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THP: One woman dies from a hit and run in Anderson County
WVLT Monday March 13, 2017

One woman died from a hit and run in Anderson County, according to the Tennessee Highway Patrol.
Investigators told Local 8 News 25-year-old Isaac A. Irwin was traveling South on Clinton Highway when he hit and killed 35-year-old Jade Richardson early Sunday morning near West Wolf Valley Road.
Officers said Irwin was driving under the influence and never stopped his vehicle when he realized he hit Richardson.
25-year-old Destany L. Cotner was in the vehicle with Irwin. Police said she was also under the influence.
Both Irwin and Cotner were taken into custody unharmed.
Police said Irwin is charged with driving under the influence, driving while license is revoked and leaving the scene of a crash with death involved.


Two teens in custody after leading police on high-speed chase through East Tennessee, crashing van in Chattanooga
WVLT Monday March 13, 2017

Two teenage boys were taken in to custody after taking a van from the Smoky Mountain Children's home in Sevierville and crashing it in Chattanooga Sunday night.

Dispatchers from Sevier County, Knox County and the Tennessee Highway Patrol told Local 8 News the teens took a 15 passenger van and headed from Sevier County through Knox County then south on I-75.

The van was seen driving around 100 miles per hour before it crashed in Chattanooga.

Go Fund Me Account Established For Wadsworth Family Tragedy

Go Fund Me Account Established For Wadsworth Family Tragedy
Peg Broadcasting News Monday March 13, 2017

The Eco Travel Plaza in Crossville has set up a Go Fund Me Account to help raise money for the Wadsworth Family who tragically lost their 7-year-old daughter Tara in a house fire over the weekend. On the site, Brenton Demko says team members are asking the public to help them “raise money for food, clothing and memorial costs associated with this terrible event”.

Donations can me made online at https://www.gofundme.com/wadsworth-family-tragedy

Early Saturday morning, emergency personnel responded to a house fire on Highway 70 East in Cumberland County, near the 4000th block in Crab Orchard. According to reports, a female was trapped in her room. The crews were on scene for over six hours. There were reportedly nearly 50 firefighters and 8 trucks on scene, with one firefighter treated for smoke inhalation. Three others fell through the floor, but did no sustain injuries. One fatality, 7-year-old Tara Wadsworth, was reported from the fire. The home was not able to be salvaged, and the source of the fire has not yet been confirmed.

(Photo Courtesy Eco Travel Plaza, gofundme)


THA Opposes Health Care Plan
AP Monday March 13, 2017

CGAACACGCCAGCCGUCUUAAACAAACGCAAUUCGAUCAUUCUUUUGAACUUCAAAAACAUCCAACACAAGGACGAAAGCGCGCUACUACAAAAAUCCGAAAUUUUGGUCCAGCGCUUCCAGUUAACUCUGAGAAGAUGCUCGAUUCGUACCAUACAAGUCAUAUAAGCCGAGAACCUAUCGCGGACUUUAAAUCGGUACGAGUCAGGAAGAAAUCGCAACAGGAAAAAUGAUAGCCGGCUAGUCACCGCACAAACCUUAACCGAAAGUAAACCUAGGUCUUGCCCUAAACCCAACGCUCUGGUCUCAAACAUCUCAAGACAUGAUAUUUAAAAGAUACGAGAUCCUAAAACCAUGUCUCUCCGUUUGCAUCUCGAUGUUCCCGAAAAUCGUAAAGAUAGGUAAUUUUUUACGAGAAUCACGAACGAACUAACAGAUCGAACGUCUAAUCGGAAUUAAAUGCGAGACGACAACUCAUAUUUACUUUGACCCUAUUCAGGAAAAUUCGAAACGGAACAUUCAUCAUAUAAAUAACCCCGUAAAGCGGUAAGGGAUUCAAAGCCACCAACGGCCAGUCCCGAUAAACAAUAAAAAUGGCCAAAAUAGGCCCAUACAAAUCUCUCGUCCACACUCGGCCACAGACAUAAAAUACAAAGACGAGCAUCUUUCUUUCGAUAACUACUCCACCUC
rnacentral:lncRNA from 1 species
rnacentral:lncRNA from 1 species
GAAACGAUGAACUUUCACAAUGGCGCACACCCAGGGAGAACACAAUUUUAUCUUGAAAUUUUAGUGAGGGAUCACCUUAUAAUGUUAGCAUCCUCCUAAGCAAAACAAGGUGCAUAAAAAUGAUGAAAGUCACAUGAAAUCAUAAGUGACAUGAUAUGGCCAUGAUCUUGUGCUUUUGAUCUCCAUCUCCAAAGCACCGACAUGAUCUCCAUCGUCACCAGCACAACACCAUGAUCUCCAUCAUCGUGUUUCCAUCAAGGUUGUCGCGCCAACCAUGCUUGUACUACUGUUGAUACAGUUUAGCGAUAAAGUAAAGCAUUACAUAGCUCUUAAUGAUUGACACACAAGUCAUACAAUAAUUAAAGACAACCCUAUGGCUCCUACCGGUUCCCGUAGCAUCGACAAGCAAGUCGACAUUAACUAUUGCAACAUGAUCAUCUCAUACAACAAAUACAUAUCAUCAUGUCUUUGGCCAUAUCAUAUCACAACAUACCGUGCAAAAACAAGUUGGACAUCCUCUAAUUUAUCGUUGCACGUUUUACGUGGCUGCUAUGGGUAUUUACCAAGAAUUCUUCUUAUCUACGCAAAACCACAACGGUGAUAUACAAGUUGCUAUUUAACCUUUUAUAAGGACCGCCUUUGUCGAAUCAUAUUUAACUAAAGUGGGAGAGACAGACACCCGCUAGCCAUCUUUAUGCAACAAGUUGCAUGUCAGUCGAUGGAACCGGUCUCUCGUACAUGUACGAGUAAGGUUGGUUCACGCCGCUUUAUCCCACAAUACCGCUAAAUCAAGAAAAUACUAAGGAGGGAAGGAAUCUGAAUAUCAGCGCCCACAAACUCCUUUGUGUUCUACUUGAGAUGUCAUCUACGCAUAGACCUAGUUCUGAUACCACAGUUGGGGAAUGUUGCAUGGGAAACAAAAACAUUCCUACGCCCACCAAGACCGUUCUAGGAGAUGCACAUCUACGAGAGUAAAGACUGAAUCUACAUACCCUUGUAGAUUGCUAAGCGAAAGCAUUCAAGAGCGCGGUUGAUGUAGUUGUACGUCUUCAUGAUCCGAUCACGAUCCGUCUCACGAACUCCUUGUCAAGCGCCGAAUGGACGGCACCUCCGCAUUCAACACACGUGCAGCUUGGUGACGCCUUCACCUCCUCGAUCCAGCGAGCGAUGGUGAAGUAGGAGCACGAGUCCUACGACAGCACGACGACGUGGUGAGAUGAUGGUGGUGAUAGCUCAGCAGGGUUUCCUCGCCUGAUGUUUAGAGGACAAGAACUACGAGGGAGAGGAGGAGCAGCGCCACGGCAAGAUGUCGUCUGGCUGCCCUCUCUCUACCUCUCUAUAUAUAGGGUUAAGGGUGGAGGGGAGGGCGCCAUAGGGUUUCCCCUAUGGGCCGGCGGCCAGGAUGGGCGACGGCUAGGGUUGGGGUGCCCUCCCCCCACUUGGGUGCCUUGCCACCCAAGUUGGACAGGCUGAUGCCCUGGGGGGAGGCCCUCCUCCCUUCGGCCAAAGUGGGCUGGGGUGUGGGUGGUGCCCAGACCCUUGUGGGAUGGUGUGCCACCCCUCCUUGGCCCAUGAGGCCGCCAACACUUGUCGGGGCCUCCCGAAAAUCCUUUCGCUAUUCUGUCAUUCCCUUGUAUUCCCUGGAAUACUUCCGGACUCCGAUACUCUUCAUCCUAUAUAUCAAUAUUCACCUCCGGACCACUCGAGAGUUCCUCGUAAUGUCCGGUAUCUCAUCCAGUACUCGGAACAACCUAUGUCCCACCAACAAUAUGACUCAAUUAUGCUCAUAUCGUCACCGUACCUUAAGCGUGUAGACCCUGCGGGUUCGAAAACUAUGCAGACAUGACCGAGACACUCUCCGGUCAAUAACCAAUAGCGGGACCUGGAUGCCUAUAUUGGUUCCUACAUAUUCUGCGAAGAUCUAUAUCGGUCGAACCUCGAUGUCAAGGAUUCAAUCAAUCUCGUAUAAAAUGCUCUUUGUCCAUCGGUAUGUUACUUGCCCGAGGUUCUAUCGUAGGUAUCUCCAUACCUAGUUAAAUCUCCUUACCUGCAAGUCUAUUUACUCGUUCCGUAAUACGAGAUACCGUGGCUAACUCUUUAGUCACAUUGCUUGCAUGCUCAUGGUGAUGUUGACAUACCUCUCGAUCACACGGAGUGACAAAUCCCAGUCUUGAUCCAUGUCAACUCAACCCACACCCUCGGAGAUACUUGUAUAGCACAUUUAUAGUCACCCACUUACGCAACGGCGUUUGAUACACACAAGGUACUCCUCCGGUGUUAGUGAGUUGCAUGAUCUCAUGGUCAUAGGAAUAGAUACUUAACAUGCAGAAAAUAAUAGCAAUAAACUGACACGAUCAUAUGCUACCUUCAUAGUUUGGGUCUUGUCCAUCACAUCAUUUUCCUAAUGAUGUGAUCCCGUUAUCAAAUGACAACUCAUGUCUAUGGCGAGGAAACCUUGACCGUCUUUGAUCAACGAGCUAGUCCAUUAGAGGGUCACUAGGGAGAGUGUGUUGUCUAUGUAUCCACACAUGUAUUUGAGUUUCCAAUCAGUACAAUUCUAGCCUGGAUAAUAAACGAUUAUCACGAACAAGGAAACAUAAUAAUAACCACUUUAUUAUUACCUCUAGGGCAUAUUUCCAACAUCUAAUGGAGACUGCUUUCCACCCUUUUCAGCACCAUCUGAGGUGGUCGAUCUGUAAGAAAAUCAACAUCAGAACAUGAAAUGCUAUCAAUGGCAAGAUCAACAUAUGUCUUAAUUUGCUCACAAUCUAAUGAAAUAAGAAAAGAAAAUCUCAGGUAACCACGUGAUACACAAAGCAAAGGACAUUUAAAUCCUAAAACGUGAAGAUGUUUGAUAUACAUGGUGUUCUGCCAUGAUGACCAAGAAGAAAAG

The Tennessee Hospital Association has come out against a new congressional health care proposal that would repeal and replace the Obama health care law, saying Tennesseans could lose health coverage if the measure passes into law.

The organization's president and CEO, Craig Becker, said in statement Friday that a significant number of the roughly 230,000 Tennesseans currently covered by the program could lose their coverage because the new plan cuts federal subsidies to help people pay for insurance.

The hospital association acknowledged real challenges with the law as it is now. However, Becker said the new measure proposed by House Republicans could drive up the costs of uncompensated care.

The hospital association says Tennessee hospitals provide nearly $2 billion annually in services to the uninsured.


State Fire Marshal: Check Smoke Alarms When Changing Clocks this Weekend
tn.gov Sunday March 12, 2017

The State Fire Marshal’s Office (SFMO) reminds Tennesseans to take the time to check their smoke alarms and carbon monoxide detectors when setting clocks forward one hour this Sunday night, March 12, 2017.

“As Daylight Saving Time begins, we encourage citizens to change the batteries in their smoke alarms if necessary and check the age of these important devices,” said State Fire Marshal and Commerce & Insurance Commissioner Julie Mix McPeak. “Any smoke alarm 10 years old or older should be replaced entirely as it may not function properly in the event of an emergency.”

Smoke alarms more than 10 years old no longer offer a reliable level of safety and are often the source for nuisance alarms. The SFMO urges all residents to determine how old their smoke alarms are (the date of manufacture is located on the back of the alarm). If they’re 10 years old or older, they should be replaced immediately. This includes smoke alarms that use 10-year batteries and/or are hard-wired.

State fire data indicates that 70 percent of Tennessee residential structure fires in 2016 occurred in homes where no smoke alarm was known to have been present. In addition, 46 percent of smoke alarm failures during that period were due to missing or dead batteries in the device.

Both state and national data reflect that many fatal fires occur at night while the victims are sleeping. The smoke and toxic gases generated by a fire can cause people to sleep more deeply, narrowing the chances of surviving a fire. A working smoke alarm can double the chances of survival by increasing the amount of time a person has to escape a fire in their home.

For more information on making your home fire-safe, download and print the State Fire Marshal’s home fire safety checklist. Tennessee residents can request a free smoke alarm by visiting www.tn.gov/fire.


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